Kentucky Dream is one of the inexpensive Precious Gem Romances, available only at Wal-Mart. In a sense, the old adage, you get what you pay for, applies here. It has an interesting setting, but it’s a short book – about 250 pages. The last half of the book isn’t bad, but the first half is very rushed, with too much action packed into not enough space.
This book is a frontier romance, set in the 1790s when Ohio and Kentucky were the frontier. The heroine, April Williamson, was born in Kentucky, but left with her mother for Philadelphia after her father was killed by Indians. Now she is twenty and a widow, and she wants to return to her birthplace. Dan McKenzie is an army scout in charge of bringing supplies to frontier forts. When April approaches him and asks him to take her to Kentucky, he refuses. He thinks Kentucky is no place for a genteel woman like her. But April has connections to his commanding officer, and eventually he is forced to take her.
While they are on the trail, there are a series of mishaps; it seems that someone does not want the supplies to reach their destination. The supply train manages to escape any real damage, but during a final attack April and Dan are separated from the others. As they journey toward Kentucky by themselves, they give in to the feelings that they have been fighting all long, and they make love. But Dan still has a secret from his past that he doesn’t want April to find out about, and someone out there still wants him dead. On top of this, Dan is still afraid that the harsh life of a frontier woman will kill April. They need to resolve all these issues before they can be happy together.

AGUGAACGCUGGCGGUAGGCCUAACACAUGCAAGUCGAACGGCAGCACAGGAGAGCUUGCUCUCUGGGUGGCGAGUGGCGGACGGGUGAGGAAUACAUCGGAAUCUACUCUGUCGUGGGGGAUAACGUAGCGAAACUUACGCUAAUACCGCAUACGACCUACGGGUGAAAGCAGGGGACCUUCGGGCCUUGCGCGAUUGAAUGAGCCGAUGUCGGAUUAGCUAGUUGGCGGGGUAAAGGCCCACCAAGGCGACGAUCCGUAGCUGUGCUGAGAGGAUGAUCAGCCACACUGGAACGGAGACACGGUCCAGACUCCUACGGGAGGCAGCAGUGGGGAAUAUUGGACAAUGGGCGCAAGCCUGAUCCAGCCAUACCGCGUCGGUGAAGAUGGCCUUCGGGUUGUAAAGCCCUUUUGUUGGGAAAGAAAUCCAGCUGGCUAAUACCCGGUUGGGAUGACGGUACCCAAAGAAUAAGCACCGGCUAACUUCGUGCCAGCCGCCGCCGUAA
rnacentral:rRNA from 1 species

This book has an interesting setting, and the research behind it is solid. If you like road romances with a lot of action and adventure, but you’re tired of the more common 1880s frontier setting, then you might enjoy Kentucky Dream. The problems with the book are mainly tied to the length. When a short book has a lot going on in its pages, then something has to give. In this case, character development suffers the most. Dan and April are both interesting and likable characters, but most of the falling-in-love process, which should appear during the first half of the book, gets glossed over. Without spending any real time together, they just suddenly realize they are in love. The how or why of it is never really explained. Once April and Dan do realize they are in love, the book takes a turn for the better. For a short book, it has quite a few love scenes, and they’re well-written.
So while it’s not the best book in the world, it’s not bad either. If you enjoy short romances or you’d like to try an unusual setting, you could do worse. After all, the price is right. Whether it’s worth your time is another matter.